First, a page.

How does EBIS work?
EBIS organisation chart
EBIS Compliance with the GDPR
EBIS, the European Barge Inspection Scheme, started operations on 1st July 1998. The Scheme has been developed by oil and chemical companies as part of their commitment to improving the safety of tanker barging operations. Barging is an important means of distributing oil and chemical products within Europe and well run barges play an important part in reducing the risk of accidents or pollution. The main aim of EBIS is to exchange objective safety and quality data on tank barges, of which an EBIS Member company may consider the use or the reception at its terminal.How did it start?
Increasing emphasis on Health, Safety and Environment issues led oil and chemical companies to examine ways to reduce the risks associated with their barging operations and minimise the risk of substandard vessels being chartered or arriving at their marine terminals. Companies employing barges were increasingly introducing a variety of barge inspection and assessment arrangements.
Recognising the advantages of adopting a co-ordinated scheme for Europe similar to those already operating for seagoing oil and chemical tankers, several oil and chemical companies worked together to develop a common system for the benefit of the industry. This co-operation became the European Barge Inspection Scheme - EBIS.
EBIS members alone have access to the inspection data held on the database.
EBIS identified three areas for co-operation:
- a common questionnaire to be used for barge inspections
- trained and accredited inspectors
- a central database of inspection reports accessible to EBIS Members
The questionnaire is a set of objective questions to be asked during the inspection of a barge. It is available in four languages, Dutch, English, French and German and can be viewed and downloaded from this website. The inspector who carries out the inspection must have the required qualifications. This means he has successfully attended an EBIS training course and examination, which resulted in an EBIS accreditation. The answers to the questionnaire together with the inspectors' and bargemasters' comments are entered in a central database, administered by PHAROX in Rotterdam (NL).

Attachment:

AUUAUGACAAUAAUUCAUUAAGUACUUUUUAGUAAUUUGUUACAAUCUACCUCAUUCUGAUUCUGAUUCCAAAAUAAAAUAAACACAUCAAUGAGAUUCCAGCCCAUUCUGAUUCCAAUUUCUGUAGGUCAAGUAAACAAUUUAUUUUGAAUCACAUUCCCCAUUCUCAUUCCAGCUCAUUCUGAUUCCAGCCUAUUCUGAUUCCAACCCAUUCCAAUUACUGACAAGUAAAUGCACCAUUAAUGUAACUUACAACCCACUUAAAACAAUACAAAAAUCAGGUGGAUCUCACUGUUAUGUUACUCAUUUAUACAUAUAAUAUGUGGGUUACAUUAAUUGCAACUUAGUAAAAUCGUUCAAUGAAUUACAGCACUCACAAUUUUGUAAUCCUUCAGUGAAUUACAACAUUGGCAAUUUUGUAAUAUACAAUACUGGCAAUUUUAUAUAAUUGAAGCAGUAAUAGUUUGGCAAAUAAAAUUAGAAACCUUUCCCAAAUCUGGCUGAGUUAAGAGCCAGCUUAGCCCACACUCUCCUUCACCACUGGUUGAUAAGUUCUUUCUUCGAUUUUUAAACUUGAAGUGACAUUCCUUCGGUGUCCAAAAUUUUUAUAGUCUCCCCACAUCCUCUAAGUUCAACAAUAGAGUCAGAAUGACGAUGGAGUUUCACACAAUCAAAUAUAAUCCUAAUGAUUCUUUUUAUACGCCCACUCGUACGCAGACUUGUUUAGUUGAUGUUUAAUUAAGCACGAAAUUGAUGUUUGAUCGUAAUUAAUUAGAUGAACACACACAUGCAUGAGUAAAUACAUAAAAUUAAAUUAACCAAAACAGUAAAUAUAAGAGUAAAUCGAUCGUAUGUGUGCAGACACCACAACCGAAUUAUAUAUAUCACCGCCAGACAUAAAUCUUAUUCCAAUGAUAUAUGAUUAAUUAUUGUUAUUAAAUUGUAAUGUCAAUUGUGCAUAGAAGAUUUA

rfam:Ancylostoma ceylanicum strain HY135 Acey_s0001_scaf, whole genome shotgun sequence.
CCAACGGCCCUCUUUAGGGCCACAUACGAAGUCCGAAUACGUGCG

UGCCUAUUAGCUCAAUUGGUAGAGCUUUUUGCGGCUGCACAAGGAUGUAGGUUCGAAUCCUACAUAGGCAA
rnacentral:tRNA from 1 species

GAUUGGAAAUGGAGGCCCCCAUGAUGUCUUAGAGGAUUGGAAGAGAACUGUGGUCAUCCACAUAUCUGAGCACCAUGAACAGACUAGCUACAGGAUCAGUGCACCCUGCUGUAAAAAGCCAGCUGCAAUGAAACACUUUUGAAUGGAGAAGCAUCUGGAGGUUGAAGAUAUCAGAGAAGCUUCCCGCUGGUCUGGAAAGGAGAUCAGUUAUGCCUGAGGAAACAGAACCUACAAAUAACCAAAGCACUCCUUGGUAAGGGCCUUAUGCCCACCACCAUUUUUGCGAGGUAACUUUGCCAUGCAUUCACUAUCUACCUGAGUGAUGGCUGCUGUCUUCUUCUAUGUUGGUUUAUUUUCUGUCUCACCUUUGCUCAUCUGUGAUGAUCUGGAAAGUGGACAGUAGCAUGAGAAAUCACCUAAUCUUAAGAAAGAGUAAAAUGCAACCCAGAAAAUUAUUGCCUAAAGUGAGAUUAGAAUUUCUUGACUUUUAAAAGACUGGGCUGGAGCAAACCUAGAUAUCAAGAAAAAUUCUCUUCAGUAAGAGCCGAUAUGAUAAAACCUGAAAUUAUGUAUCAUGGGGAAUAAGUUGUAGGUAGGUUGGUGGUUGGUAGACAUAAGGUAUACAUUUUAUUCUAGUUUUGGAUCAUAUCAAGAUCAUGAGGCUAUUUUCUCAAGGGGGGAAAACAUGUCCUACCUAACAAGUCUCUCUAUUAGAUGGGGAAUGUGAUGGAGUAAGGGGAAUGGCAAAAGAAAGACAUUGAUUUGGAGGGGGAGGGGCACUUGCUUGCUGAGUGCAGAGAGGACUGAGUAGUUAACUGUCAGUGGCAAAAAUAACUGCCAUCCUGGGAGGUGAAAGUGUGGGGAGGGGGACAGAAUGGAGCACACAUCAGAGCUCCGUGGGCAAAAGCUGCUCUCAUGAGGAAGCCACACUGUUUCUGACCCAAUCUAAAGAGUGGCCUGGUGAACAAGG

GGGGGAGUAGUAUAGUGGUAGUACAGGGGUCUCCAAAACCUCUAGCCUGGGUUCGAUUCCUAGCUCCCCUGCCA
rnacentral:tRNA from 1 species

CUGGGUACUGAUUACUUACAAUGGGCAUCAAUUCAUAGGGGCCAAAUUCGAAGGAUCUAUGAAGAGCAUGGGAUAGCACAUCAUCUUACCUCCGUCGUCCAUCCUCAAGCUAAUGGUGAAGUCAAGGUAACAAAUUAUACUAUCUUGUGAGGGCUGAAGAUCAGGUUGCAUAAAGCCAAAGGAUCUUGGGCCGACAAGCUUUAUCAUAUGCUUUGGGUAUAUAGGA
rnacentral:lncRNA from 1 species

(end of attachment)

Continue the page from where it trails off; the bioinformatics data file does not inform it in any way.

The bargeowner receives a copy of the report and has the right to make comments on it. These comments are attached to the report. After 7 days each EBIS Member can access the report and analyse it, to decide whether or not the barge is suitable for that individual Member Company's use.
EBIS inspection reports are and remain under all circumstances property of the EBIS organisation. They shall not be disclosed by an EBIS member, a ship owner or any other person/organisation that has access to the reports to any third party. A breach of this rule could lead to legal action.
Approval of a barge is a matter for the individual Member Company alone.Membership
Any company which, in the normal course of business, is engaged in the chartering of barges for the carriage of crude oil, liquid petroleum products (including liquefied petroleum gases), petrochemicals or other chemicals on European inland waterways may express its wish to become a member by submitting an application in writing.
Membership of EBIS will give you the facility to review previous EBIS inspections of barges you are interested in. It will also give you the opportunity to make arrangements with EBIS inspectors to do inspections on your behalf.
As a pre-condition for joining EBIS, you will need to provide details of any barges which your company actually own or operate. In case you own barges which operate in Europe being a member of EBIS gives you access to confidential information of other owners and how their barges are operating. In this situation an extended review of your membership request will be undertaken which include the particular circumstances involved and this review may lead to the request for membership being declined.